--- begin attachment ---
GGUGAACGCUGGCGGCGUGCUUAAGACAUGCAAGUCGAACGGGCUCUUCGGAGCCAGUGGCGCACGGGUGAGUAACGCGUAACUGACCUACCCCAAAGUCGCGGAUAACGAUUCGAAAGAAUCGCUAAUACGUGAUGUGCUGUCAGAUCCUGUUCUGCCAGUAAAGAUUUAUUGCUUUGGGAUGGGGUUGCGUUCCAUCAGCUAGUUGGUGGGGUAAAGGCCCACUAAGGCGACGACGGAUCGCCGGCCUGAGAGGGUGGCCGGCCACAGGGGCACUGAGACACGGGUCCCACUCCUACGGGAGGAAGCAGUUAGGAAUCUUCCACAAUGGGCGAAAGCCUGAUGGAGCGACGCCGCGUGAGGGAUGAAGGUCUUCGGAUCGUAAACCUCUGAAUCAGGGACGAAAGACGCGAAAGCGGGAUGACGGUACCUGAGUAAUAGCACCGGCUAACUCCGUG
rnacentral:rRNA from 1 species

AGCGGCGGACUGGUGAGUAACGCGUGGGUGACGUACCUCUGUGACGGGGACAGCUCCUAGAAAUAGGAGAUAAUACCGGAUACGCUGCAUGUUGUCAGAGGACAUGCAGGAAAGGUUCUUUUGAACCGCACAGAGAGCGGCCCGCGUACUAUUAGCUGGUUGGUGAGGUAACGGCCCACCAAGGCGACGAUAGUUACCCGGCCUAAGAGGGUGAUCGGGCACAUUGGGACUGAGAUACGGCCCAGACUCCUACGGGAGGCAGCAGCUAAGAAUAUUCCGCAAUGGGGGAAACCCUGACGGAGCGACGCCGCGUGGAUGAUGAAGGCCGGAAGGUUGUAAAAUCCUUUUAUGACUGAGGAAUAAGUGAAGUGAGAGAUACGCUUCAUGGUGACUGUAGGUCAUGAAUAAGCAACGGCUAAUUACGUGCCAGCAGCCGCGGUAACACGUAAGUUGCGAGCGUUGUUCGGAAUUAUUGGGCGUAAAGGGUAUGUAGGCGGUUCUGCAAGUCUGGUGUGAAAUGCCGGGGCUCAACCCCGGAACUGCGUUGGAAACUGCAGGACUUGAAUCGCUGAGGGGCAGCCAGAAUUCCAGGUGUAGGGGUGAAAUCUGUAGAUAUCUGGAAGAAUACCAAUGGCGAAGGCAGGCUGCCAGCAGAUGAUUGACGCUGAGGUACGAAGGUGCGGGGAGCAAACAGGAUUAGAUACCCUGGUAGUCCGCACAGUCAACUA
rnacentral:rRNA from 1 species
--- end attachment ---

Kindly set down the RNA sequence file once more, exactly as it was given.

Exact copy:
GGUGAACGCUGGCGGCGUGCUUAAGACAUGCAAGUCGAACGGGCUCUUCGGAGCCAGUGGCGCACGGGUGAGUAACGCGUAACUGACCUACCCCAAAGUCGCGGAUAACGAUUCGAAAGAAUCGCUAAUACGUGAUGUGCUGUCAGAUCCUGUUCUGCCAGUAAAGAUUUAUUGCUUUGGGAUGGGGUUGCGUUCCAUCAGCUAGUUGGUGGGGUAAAGGCCCACUAAGGCGACGACGGAUCGCCGGCCUGAGAGGGUGGCCGGCCACAGGGGCACUGAGACACGGGUCCCACUCCUACGGGAGGAAGCAGUUAGGAAUCUUCCACAAUGGGCGAAAGCCUGAUGGAGCGACGCCGCGUGAGGGAUGAAGGUCUUCGGAUCGUAAACCUCUGAAUCAGGGACGAAAGACGCGAAAGCGGGAUGACGGUACCUGAGUAAUAGCACCGGCUAACUCCGUG
rnacentral:rRNA from 1 species

AGCGGCGGACUGGUGAGUAACGCGUGGGUGACGUACCUCUGUGACGGGGACAGCUCCUAGAAAUAGGAGAUAAUACCGGAUACGCUGCAUGUUGUCAGAGGACAUGCAGGAAAGGUUCUUUUGAACCGCACAGAGAGCGGCCCGCGUACUAUUAGCUGGUUGGUGAGGUAACGGCCCACCAAGGCGACGAUAGUUACCCGGCCUAAGAGGGUGAUCGGGCACAUUGGGACUGAGAUACGGCCCAGACUCCUACGGGAGGCAGCAGCUAAGAAUAUUCCGCAAUGGGGGAAACCCUGACGGAGCGACGCCGCGUGGAUGAUGAAGGCCGGAAGGUUGUAAAAUCCUUUUAUGACUGAGGAAUAAGUGAAGUGAGAGAUACGCUUCAUGGUGACUGUAGGUCAUGAAUAAGCAACGGCUAAUUACGUGCCAGCAGCCGCGGUAACACGUAAGUUGCGAGCGUUGUUCGGAAUUAUUGGGCGUAAAGGGUAUGUAGGCGGUUCUGCAAGUCUGGUGUGAAAUGCCGGGGCUCAACCCCGGAACUGCGUUGGAAACUGCAGGACUUGAAUCGCUGAGGGGCAGCCAGAAUUCCAGGUGUAGGGGUGAAAUCUGUAGAUAUCUGGAAGAAUACCAAUGGCGAAGGCAGGCUGCCAGCAGAUGAUUGACGCUGAGGUACGAAGGUGCGGGGAGCAAACAGGAUUAGAUACCCUGGUAGUCCGCACAGUCAACUA
rnacentral:rRNA from 1 species